The BBC failed to act quickly enough to avoid reputational and organisational damage during this week's media storm over the controversial radio broadcast by comedian Russell Brand and presenter Jonathan Ross, according to an employment legal expert.
Beth McPherson, associate at law firm Stephenson Harwood, said the BBC should have acted swiftly through its existing processes and management structure to deal with the incident.
Ross and Brand dominated the headlines this week after the BBC aired a radio show in which they left a series of phone messages for former Faulty Towers actor Andrew Sachs.
In an improvised and expletive-laden message, Ross claimed Brand had slept with Sachs' granddaughter Georgina Baillie - a member of burlesque group the Satanic Sluts - and said that Sachs might kill himself as a result of the news.
Although the BBC broadcast the programme on 18 October, Brand, Ross and the BBC did not make any apologies until this week. The corporation gave employers a good lesson in how not to deal with wayward employees, McPherson said.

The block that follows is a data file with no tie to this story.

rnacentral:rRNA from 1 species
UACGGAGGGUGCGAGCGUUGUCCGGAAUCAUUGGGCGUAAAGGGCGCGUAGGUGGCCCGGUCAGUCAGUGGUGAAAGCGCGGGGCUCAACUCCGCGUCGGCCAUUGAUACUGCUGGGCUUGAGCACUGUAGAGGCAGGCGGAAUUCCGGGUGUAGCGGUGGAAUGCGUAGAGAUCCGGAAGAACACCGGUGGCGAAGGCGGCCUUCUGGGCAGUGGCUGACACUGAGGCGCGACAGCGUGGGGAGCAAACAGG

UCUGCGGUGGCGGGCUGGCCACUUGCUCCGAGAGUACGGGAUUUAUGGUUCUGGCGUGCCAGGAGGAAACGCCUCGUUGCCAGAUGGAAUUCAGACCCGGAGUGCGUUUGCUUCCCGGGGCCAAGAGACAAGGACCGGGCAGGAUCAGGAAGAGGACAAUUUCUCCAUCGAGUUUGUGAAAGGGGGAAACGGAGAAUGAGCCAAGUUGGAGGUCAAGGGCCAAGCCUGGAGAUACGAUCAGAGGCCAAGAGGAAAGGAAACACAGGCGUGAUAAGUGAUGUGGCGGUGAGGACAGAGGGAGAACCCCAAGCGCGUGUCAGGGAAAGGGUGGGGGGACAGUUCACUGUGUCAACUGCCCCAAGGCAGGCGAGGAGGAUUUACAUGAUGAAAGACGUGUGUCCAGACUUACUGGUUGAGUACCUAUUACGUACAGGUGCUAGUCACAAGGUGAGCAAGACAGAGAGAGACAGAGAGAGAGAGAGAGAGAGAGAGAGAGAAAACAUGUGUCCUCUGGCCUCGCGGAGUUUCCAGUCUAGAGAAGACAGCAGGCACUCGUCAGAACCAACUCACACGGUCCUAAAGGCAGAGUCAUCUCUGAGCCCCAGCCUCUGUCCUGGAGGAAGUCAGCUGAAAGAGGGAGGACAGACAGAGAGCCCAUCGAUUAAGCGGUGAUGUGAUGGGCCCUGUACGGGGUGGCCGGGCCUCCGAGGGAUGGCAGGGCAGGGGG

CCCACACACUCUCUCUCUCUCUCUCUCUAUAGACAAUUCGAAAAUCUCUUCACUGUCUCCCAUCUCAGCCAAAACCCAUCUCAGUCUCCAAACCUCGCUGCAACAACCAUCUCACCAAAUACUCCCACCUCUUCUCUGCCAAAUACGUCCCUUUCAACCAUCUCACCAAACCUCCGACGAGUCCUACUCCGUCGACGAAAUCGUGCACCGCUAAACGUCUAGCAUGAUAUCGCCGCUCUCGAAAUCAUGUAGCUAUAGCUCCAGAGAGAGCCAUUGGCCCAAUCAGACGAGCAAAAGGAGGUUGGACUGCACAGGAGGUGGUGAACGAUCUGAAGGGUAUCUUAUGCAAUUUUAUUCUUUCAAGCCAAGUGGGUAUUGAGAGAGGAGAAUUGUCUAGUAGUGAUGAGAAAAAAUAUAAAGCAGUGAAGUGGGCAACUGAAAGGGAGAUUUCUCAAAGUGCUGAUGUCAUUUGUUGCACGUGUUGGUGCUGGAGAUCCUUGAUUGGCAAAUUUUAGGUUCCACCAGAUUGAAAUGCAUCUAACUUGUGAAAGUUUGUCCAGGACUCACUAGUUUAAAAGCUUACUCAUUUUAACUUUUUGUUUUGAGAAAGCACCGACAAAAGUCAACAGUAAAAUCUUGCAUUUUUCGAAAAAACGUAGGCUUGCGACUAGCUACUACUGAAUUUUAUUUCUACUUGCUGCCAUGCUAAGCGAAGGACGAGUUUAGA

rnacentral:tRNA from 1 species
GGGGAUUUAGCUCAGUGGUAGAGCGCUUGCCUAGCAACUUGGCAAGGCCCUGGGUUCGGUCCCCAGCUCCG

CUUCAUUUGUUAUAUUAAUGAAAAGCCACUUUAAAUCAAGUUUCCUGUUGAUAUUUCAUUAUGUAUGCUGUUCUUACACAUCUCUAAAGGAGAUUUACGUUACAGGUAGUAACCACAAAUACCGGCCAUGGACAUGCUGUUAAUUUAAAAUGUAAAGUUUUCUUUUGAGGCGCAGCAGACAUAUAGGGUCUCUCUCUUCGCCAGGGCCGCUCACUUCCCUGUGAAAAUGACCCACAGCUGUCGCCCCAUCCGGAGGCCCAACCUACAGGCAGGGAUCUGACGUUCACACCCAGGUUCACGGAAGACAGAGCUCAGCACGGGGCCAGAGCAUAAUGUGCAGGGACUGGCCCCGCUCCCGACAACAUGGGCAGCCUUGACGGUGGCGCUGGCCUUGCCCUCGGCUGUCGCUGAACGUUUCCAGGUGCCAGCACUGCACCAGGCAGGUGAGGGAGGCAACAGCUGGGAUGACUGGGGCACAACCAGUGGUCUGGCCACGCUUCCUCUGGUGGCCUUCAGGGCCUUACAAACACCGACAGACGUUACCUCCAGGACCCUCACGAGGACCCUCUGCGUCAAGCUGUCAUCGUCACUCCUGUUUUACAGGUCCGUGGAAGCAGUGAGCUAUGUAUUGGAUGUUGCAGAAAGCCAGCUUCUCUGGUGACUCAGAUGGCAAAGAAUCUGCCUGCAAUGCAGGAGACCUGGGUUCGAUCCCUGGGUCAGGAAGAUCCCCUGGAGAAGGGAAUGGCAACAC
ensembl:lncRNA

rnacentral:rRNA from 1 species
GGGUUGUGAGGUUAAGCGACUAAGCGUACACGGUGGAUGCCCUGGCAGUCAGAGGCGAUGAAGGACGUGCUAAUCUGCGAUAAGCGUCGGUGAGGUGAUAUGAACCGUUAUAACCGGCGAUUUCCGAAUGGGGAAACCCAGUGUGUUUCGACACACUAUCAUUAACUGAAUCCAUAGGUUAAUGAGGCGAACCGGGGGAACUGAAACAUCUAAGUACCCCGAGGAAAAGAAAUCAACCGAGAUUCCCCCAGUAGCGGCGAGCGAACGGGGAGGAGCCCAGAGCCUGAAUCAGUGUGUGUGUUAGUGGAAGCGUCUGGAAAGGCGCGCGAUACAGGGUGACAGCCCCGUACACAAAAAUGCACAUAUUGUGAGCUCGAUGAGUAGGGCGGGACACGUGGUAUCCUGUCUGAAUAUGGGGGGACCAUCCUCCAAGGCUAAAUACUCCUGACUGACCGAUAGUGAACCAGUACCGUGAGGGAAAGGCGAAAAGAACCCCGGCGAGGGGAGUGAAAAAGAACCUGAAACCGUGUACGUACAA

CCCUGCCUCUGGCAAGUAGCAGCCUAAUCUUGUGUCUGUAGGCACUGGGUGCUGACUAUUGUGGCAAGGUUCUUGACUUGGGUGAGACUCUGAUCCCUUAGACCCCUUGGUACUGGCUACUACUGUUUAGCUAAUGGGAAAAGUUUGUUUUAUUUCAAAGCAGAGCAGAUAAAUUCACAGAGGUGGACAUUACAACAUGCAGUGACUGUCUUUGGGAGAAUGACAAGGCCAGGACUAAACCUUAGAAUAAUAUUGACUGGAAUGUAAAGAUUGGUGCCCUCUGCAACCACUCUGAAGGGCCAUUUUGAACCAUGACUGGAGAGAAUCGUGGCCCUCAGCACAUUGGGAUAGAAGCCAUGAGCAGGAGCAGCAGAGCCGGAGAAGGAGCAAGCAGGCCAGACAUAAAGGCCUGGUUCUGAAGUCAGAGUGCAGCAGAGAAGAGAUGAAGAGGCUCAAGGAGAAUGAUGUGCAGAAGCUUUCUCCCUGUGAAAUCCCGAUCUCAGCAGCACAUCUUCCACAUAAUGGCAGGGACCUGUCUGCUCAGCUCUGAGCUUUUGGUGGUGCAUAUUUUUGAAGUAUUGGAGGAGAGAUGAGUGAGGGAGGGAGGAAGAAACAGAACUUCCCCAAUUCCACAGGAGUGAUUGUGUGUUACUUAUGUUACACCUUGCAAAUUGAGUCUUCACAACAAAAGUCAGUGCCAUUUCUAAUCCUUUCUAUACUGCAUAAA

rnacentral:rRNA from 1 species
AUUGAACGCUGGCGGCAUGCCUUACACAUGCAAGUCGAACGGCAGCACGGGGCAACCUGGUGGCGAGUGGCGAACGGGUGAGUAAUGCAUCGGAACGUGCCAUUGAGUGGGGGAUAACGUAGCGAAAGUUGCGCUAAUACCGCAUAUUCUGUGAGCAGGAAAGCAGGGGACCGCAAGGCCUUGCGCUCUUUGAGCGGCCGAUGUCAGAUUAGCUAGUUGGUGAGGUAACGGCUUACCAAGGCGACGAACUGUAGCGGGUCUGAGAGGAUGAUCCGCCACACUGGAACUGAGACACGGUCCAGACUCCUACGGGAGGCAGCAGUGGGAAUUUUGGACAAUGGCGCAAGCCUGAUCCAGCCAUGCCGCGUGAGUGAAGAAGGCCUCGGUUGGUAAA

"It took a long time to respond, and when they did, it was not very firmly, and did not involve the people responsible," she said.
Although Ross and Brand made the prank calls, the decision to broadcast them was made by BBC managers, McPherson added. Responding to public outcry, the BBC has now lost popular comic Brand and well-respected Radio 2 controller Lesley Douglas, both of whom resigned this week.
Businesses caught up in public controversy should not hesitate in evoking predetermined management processes, McPherson insisted. "Act swiftly and strongly within a proper management structure that gives you an easy and quick way of establishing whose fault it is," she said.
"The risk if you do not is losing people that you wanted to keep. The BBC has lost the head of Radio 2, a valuable employee who was highly regarded and far removed from the incident. It has also lost Russ